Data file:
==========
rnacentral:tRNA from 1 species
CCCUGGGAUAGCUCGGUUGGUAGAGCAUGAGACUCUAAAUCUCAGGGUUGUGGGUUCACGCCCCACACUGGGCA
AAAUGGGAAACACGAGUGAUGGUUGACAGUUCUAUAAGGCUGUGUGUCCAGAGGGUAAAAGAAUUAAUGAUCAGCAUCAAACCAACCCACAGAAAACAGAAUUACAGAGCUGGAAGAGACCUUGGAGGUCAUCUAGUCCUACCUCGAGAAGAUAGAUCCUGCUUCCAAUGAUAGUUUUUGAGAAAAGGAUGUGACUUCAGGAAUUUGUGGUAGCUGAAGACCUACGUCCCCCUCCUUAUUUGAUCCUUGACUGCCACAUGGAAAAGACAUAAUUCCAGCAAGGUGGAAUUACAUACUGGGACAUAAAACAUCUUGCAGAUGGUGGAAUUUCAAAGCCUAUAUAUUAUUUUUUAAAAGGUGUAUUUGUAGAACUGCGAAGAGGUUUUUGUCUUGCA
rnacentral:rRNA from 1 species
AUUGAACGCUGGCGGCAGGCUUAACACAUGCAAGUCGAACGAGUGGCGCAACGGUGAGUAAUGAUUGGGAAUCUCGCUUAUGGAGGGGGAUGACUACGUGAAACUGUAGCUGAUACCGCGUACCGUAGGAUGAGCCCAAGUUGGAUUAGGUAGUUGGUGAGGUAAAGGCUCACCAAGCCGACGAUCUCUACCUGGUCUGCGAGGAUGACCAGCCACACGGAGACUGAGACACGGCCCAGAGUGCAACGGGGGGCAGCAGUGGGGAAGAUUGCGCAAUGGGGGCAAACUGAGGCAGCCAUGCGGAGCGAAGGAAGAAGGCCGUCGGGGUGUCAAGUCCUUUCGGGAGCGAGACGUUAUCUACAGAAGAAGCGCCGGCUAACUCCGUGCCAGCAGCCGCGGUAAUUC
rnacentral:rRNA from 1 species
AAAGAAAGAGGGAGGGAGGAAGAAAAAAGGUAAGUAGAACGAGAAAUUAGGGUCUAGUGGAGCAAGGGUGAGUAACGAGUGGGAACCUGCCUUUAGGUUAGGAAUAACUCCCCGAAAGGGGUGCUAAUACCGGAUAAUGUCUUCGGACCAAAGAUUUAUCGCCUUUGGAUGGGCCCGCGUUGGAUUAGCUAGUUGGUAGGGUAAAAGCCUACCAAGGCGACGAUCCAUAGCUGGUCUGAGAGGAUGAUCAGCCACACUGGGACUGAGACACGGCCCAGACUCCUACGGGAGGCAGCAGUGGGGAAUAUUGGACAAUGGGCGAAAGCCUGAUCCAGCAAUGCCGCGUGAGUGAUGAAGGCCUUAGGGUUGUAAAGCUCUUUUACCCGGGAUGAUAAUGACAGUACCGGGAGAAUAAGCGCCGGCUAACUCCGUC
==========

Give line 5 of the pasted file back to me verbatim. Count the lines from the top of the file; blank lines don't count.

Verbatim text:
AUUGAACGCUGGCGGCAGGCUUAACACAUGCAAGUCGAACGAGUGGCGCAACGGUGAGUAAUGAUUGGGAAUCUCGCUUAUGGAGGGGGAUGACUACGUGAAACUGUAGCUGAUACCGCGUACCGUAGGAUGAGCCCAAGUUGGAUUAGGUAGUUGGUGAGGUAAAGGCUCACCAAGCCGACGAUCUCUACCUGGUCUGCGAGGAUGACCAGCCACACGGAGACUGAGACACGGCCCAGAGUGCAACGGGGGGCAGCAGUGGGGAAGAUUGCGCAAUGGGGGCAAACUGAGGCAGCCAUGCGGAGCGAAGGAAGAAGGCCGUCGGGGUGUCAAGUCCUUUCGGGAGCGAGACGUUAUCUACAGAAGAAGCGCCGGCUAACUCCGUGCCAGCAGCCGCGGUAAUUC